There’s an old joke about what happens when you cross a postmodernist academic and the Godfather: You get an offer you can’t understand. To which might be added today, who needs Ringling Brothers and Barnum & Bailey Circus, about to close after 146 years, when you’ve got liberals beclowning themselves nonstop for free. (I suspect there’s a connection between these two things.)
This comes to mind with today’s story about what is the most hilarious planned liberal protest against Trump on inauguration day. I’ll just let Inside Higher Ed tell you without embellishment:
. . . Anthropologists are taking a different approach. They are planning events that day in which people — together at locations across the country or virtually connected — will read and discuss a lecture presented by Michel Foucault, the late philosopher, as part of a series he gave at the Collège de France. The lectures have been published as a book, Society Must Be Defended. The read-in idea is being backed not only by the scholars who have organized the events but by the popular anthropology blog Savage Minds and the journals American Anthropologist, American Ethnologist, Cultural Anthropology and Environment and Society. . . The scholars are Paige West, the Claire Tow Professor of Anthropology, Barnard College and Columbia University, and JC Salyer, term professor of practice at Barnard. . .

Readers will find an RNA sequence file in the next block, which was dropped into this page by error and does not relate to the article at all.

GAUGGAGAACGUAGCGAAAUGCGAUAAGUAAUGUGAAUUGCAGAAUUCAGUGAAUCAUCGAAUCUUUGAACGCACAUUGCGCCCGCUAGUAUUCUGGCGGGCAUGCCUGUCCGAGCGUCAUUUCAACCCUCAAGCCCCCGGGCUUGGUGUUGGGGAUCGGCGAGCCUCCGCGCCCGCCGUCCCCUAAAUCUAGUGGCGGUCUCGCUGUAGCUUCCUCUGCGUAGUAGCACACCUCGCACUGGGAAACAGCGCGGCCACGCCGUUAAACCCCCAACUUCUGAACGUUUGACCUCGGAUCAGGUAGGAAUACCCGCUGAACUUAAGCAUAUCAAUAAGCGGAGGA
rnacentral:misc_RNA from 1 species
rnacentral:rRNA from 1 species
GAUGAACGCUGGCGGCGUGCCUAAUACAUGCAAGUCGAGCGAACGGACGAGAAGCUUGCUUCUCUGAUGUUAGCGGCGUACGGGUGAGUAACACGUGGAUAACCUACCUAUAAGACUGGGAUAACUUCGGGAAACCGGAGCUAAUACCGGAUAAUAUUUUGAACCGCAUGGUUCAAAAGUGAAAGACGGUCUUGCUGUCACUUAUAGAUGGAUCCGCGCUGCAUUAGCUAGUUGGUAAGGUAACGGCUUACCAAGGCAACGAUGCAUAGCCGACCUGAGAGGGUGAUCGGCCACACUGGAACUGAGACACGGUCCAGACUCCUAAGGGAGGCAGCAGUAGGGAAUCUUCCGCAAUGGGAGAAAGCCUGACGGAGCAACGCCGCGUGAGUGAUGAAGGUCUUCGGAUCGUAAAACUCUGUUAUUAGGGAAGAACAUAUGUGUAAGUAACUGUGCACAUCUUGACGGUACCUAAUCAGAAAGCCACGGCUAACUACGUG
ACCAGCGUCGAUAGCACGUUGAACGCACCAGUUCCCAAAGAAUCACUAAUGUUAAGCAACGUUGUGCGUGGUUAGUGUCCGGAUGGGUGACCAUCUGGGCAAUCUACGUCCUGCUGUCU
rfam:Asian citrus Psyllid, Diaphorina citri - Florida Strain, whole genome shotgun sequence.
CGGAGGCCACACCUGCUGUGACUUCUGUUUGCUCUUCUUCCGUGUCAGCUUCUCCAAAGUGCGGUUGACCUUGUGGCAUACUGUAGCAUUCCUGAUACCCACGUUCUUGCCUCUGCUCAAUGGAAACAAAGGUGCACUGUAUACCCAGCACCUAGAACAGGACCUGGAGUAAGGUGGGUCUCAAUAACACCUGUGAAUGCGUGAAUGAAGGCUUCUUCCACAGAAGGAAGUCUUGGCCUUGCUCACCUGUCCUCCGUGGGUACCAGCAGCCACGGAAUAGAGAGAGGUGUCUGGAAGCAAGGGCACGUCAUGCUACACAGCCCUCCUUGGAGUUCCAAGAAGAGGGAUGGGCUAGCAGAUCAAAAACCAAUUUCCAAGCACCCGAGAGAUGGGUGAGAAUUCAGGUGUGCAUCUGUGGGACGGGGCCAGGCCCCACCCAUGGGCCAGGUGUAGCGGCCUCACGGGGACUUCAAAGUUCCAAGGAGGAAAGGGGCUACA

This paragraph is especially amusing if you let it sink in:
In their blog post, they note that many scholars have, since the election, suggested that it’s time for intellectuals to change the way they act and engage with the public. The idea, which West and Salyer reject, “is that scholars need to somehow change what they are doing, and how they are doing it, in order to face this seemingly new political reality in the Unites States.
If you’re a leftist academic, of course you wouldn’t want to “change what you’re doing” on campus because you’d be unemployed in 15 minutes once everyone figured it out. Better to maintain irrelevance through jargon and nurse your bitterness toward our world than engage issues in a meaningful way.
Which is ironically confirmed by the last line in the story:
Asked if they had any fears that supporters of Trump would mock their activity, they said, “No, of course not.”
Anyway, the Foucault read-in is my candidate for most absurd anti-Trump inauguration effort at the moment, but we invite Power Line readers to watch closely and report in, perhaps offering a Super Green Weenie Award to someone. I’ll be on the road in Texas this weekend (more about that later), but I’ll try to report on the Great Liberal Beclowning of 2017. Meanwhile: